At some point or another, we’ve all found ourselves at a place in our lives where we’ve felt worn out, bored, stagnant or just plain blah.
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You might feel like you’re just going through the motions of life, doing the same things over and over again. It can start to feel like the days all blend together.
Maybe you feel like there’s nothing to look forward to or like you’re running in place while everyone else is moving forward. Or maybe you can’t pinpoint what exactly is wrong, but something just feels … off.
Psychotherapist Amy Brodsky, LISW-S, offers assurance and practical advice to help dig yourself out of a funk.
A slump, rut, funk or general feeling of weirdness is a fairly short-lived bad day or bad couple of days, says Brodsky.
Sometimes our slumps can be reactions to something that happened to us. Maybe you’re feeling lonely during a trip away from your loved ones or upset because you were passed up for a promotion at work. Perhaps you’re feeling like all your friends are getting married while you’re still single, or it could be that a toxic friendship is starting to take a toll on you. Other times there doesn’t seem to be anything specific that triggered the funk, which can be frustrating and confusing.
“When you can’t pinpoint or identify a reason for why you’re feeling the way that you are, try talking to someone,” says Brodsky. “Oftentimes, getting an outsider’s perspective can give you a better viewpoint of what’s really going on.”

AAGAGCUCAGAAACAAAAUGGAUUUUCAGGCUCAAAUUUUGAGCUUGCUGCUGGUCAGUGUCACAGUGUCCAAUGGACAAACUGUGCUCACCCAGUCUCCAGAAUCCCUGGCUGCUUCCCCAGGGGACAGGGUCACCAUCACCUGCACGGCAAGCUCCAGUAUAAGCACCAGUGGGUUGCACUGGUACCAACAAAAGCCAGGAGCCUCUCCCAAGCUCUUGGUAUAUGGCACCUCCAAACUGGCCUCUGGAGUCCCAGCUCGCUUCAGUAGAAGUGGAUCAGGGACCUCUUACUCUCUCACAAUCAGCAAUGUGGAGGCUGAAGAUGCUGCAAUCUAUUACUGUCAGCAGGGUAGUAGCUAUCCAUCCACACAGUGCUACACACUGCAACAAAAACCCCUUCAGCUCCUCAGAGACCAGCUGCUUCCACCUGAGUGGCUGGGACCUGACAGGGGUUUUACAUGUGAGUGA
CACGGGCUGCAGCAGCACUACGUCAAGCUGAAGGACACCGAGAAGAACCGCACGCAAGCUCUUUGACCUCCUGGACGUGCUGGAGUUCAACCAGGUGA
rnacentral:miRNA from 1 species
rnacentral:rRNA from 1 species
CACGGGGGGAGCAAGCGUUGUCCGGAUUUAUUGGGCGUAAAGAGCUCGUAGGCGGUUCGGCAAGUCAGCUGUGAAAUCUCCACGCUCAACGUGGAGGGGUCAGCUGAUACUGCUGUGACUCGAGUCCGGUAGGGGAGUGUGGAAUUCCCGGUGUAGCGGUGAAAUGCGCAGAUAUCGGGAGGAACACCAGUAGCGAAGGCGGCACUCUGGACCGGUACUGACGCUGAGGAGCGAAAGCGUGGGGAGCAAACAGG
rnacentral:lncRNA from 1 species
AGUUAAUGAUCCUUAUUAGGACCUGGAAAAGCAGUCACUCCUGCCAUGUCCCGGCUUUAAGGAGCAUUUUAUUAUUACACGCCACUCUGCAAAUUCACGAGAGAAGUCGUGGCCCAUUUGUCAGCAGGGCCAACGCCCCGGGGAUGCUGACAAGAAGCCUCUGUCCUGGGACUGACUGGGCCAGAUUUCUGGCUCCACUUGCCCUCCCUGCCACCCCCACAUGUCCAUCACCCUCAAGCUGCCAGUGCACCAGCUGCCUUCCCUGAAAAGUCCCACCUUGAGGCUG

Now that you know you’re in a funk, you probably want to know how to get yourself out of it. The main thing to remember is to be patient with yourself. Nobody likes stewing in a bad mood for too long, but trying to rush yourself out of it won’t do any good either.
Instead, here are some ways to get out of a funk and start feeling like yourself again:
First and foremost – don’t beat yourself up if you’re feeling blue. Slumps happen from time to time and they can affect anyone. Most funks hit people for a couple of days before the clouds lift and you feel like yourself again.
“Going through a funk or rut is extremely common,” assures Brodsky. “It happens to everyone now and again and there are no hard or fast rules to getting through it. Everyone is different, so you’ll need to adjust and learn what works best for you.”
Digging yourself out of a funk begins as an inside job. Sure, some resources and people can help you, but ultimately one of the first things to do is to look within.
“Don’t be afraid to take some time to just sit with your feelings – they won’t harm you,” says Brodsky. “The good news is that if you give yourself time and permission to feel what you’re feeling or if you can name the emotion, it can help you start to move past it.”
“Feelings are like waves, they ebb and flow just like the waves in the ocean. When we fight a wave, it will often knock or pull us down, but if we go with it and accept it, it will move us some, but then deposit us back or close to where we began – none the worse for wear.”
So go ahead and watch that sad movie or listen to a sad song. It’s perfectly OK to nurture yourself for a few days while you work through whatever it is that you’re feeling. Take the time to feel cranky, sad, frustrated or just plain weird. Doing so doesn’t mean that you’re weak, it means that you’re human and you’re acknowledging yourself.
Another way to help you work through a hard time is to show yourself some self-compassion. Consider talking to yourself as if you were a friend. Often times we’re harsh or impatient with ourselves when we’re feeling sad or down, but if a friend came to us going through something similar, we’d show them kindness and understanding. We’d assure our friends that everything is going to be OK and we’d remind them that they’re a good person and that this won’t last forever. So go ahead and show yourself that same grace and gentleness.
As humans, we’re social animals. We need some degree of interaction with others to feel our best. You don’t have to do a lot all at once, either. If going to a party or busy social event feels like too much, there are other ways to make yourself feel connected, without depleting your social battery.